YouTube scored another important legal victory in the ongoing battle against Viacom. U.S. District Judge Louis L. Stanton ruled Thursday that YouTube is not guilty of copyright infringement when users upload clips from Viacom television shows.
In a 24-page opinion, Judge Stanton said YouTube is shielded by a safe-harbor provision in the Digital Millennium Copyright Act, and, due to the sheer volume of content uploaded to YouTube, it is impractical to expect the company to catch every piece of copyrighted material. Instead, media companies like Viacom have the responsibility to report unauthorized content when it appears.
Stanton dismissed the $1 billion lawsuit and ordered Viacom to pay for some of YouTube’s legal expenses.
"This is a win not just for YouTube, but for people everywhere who depend on the Internet to exchange ideas and information,” Google’s general counsel Kent Walker said in a statement.
This is the second time that Stanton has rejected the lawsuit since Viacom originally filed in 2007. Major media companies have followed the case closely, hoping that a victory for Viacom will give greater expanded copyright enforcement against pirated clips of TV shows.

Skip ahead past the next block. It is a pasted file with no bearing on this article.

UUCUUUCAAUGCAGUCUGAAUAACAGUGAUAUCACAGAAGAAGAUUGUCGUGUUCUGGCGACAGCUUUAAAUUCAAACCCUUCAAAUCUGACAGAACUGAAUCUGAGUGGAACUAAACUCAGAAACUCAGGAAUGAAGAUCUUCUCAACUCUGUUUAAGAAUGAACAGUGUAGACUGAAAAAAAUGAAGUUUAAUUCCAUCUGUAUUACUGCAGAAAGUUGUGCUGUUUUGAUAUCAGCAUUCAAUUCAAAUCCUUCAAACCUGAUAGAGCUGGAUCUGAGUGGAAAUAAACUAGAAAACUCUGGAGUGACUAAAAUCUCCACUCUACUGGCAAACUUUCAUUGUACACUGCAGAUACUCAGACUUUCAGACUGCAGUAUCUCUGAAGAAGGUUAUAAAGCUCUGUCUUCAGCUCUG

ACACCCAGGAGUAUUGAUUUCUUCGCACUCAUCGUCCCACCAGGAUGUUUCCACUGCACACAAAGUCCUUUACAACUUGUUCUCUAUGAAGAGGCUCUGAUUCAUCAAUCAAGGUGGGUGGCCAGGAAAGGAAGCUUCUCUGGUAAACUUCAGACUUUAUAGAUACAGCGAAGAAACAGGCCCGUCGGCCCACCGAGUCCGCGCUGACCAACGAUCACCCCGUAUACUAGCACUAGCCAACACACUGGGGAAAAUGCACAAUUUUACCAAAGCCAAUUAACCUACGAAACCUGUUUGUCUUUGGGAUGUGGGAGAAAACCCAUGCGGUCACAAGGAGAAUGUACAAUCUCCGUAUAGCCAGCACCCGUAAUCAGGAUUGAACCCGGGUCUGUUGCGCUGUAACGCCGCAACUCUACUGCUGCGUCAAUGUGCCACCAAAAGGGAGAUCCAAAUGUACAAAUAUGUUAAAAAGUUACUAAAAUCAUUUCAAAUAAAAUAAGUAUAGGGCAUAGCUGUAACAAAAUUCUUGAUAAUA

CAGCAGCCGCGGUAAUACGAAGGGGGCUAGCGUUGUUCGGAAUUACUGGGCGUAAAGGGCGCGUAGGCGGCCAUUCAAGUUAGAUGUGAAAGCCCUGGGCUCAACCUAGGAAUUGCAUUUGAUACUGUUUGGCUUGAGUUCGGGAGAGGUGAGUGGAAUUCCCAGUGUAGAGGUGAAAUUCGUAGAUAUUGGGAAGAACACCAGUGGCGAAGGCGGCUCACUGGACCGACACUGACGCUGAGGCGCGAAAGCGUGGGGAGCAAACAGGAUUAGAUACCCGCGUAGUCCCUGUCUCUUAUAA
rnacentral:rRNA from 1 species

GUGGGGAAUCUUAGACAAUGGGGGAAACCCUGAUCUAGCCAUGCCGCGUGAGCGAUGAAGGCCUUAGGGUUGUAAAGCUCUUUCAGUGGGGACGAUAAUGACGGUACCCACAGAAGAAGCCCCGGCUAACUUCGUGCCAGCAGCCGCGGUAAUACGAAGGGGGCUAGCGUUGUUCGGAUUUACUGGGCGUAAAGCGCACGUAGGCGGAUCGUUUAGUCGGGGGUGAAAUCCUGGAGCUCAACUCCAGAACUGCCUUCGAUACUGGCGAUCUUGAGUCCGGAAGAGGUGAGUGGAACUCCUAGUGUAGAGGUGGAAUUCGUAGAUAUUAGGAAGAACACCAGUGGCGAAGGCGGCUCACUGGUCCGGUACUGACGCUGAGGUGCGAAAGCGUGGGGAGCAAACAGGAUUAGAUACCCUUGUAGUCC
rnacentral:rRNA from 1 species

“This ruling ignores the opinions of the higher courts and completely disregards the rights of creative artists," Viacom said in a statement. The company has already vowed to appeal the decision, stating that the “overwhelming evidence” of copyright infringement should be brought to a jury.
For now, YouTube founders are enjoying the taste of victory. Founder Chad Hurley took to Twitter to do a bit of gloating toward Phillipe Duaman, Viacom’s chief executive.
Hey Philippe, wanna grab a beer to celebrate?! YouTube Again Beats Viacom's Massive Copyright Infringement Lawsuitj.mp/ZCuWCQ
— Chad Hurley (@Chad_Hurley) April 18, 2013